Wednesday, December 3, 2014

A peek into Palermo


It only took 24 hours to fall in love with Palermo!

We slept among the rooftops in a sweet little room in the historic center on the main drag.
The sunny morning invited sitting on the balcony and enjoying all that could be taken in with both eyes and ears: the contrasting colors and patterns of the roof tiles, domes, spires, clouds. The morning noises seeping through shuttered windows across the street, almost close enough to touch, hiding what I imagined to be narrow apartments filled with families just waking up to enjoy their Sunday mornings. The tinkling of church bells chiming the hour, reminding us it was time to make our way down to street level so we could continue our adventure on foot.

We stopped and lingered at the gorgeous Quattro Canti intersection: four collonaded facades that make you stop and stare, craning your neck upwards to take it all in. The Palermo marathon happened to be in full swing that morning, so the streets were closed to traffic and we witnessed the first place runner zipping through this beautiful landmark.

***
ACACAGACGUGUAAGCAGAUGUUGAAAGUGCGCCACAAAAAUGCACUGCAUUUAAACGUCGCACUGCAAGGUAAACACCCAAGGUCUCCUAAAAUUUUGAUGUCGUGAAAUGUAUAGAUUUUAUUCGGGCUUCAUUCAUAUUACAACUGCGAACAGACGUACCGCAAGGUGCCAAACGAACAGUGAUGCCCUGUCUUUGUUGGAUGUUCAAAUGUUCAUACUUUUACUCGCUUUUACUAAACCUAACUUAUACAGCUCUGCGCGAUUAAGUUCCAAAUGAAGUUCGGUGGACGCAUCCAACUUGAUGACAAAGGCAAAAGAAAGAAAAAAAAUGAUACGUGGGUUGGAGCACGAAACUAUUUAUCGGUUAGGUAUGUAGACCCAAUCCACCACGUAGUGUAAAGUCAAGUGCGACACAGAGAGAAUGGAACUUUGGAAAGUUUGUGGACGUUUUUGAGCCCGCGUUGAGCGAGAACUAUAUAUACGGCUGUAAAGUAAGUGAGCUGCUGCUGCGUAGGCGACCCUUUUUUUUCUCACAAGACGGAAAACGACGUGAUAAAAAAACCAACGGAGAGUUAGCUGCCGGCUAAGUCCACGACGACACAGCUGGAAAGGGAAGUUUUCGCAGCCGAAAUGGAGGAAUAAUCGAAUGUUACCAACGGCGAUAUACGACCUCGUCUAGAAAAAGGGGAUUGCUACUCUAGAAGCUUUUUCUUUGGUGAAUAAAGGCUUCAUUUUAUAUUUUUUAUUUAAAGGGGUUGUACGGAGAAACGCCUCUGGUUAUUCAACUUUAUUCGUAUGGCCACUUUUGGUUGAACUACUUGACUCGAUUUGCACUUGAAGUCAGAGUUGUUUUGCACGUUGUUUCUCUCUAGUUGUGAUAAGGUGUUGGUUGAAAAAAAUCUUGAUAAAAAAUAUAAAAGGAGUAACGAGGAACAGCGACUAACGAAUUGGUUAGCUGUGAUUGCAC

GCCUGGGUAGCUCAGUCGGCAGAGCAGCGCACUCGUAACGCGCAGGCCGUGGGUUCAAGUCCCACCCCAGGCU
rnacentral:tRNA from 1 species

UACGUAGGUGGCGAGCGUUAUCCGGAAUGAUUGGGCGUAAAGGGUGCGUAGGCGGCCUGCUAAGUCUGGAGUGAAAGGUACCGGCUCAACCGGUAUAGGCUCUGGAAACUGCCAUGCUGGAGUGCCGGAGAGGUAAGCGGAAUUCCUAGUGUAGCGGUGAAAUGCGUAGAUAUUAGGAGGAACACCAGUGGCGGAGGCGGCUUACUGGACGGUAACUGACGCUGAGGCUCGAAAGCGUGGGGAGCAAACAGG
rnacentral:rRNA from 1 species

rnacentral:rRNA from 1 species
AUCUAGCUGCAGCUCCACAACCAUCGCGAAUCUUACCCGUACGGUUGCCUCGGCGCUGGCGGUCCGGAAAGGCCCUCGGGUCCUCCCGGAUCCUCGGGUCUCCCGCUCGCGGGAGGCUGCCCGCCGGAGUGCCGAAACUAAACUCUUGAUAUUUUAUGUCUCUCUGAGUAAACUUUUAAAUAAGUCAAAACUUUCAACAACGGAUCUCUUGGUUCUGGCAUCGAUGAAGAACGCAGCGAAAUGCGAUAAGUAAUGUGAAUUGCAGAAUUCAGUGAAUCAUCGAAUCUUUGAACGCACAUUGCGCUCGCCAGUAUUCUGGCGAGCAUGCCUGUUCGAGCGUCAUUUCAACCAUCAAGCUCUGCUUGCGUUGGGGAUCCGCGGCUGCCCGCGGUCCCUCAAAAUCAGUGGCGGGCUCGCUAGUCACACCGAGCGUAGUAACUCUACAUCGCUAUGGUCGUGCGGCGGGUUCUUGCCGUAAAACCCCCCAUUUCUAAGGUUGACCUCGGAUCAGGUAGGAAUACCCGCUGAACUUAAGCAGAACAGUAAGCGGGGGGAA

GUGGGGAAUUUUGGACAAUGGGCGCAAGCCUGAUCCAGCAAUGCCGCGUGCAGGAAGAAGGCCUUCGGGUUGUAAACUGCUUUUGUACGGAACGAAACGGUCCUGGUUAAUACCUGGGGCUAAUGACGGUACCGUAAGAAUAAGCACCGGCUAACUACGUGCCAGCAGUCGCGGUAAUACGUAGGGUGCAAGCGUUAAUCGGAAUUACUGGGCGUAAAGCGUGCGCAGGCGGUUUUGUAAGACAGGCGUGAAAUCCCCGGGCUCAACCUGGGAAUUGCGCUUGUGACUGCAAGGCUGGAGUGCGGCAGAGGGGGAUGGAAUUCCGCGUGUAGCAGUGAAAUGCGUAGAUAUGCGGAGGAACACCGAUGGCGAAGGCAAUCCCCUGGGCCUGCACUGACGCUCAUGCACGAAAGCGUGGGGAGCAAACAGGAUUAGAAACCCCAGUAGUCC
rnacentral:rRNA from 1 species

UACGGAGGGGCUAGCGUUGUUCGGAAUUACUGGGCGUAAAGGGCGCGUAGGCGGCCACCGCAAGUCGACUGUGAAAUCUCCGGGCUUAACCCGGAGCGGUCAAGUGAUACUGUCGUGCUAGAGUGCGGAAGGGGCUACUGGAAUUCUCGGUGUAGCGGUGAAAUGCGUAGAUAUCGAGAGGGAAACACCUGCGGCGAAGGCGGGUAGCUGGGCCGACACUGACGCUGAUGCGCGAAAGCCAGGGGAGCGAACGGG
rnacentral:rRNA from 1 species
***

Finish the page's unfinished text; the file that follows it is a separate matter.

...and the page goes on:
Then we were back in Piazza Marina, where we had spent time the day before visiting the Museo delle Marionette. Here we were inspired by puppets from around the world and also experienced an innovative and entertaining live performance of The Three Bears by a pair of Russian puppeteers in Russian with subtitles projected in Italian, more NYC than Sicily I couldn't help but think.

Back to our stroll and the enthralling contrast of still standing, barely still standing, and partially destroyed buildings jumbled together in the ancient neighborhood of Kalsa...


....where we visited an unfinished church (Santa Maria dello Spasimo), roofless and open to the elements, and the perfect home for a lonesome tree.

And then we reached the long-awaited destination (especially for the 7 year old). The Botanical Gardens in Palermo is huge for Sicilian standards and invites aimless wanderings along its many paths, some wide and majestic, others overgrown and meandering, as well as peeks into greenhouses and free standing Grecian inspired buildings that house mini museums.


The Palm House was my favorite with its exhibit about everything related to palm trees. Palm inspired contemporary art works. Glass vitrines filled with botanical specimens and objects of all kinds made with parts of palm trees.

Not only did we love the plants and trees,

...but also the lizards and birds (even parrots!) that call this place their home.

It was hard to leave the luscious greenery of the Botanical Gardens, but we still had to visit the touristic port and enjoy the big blue sea to make our brief yet enjoyable visit complete.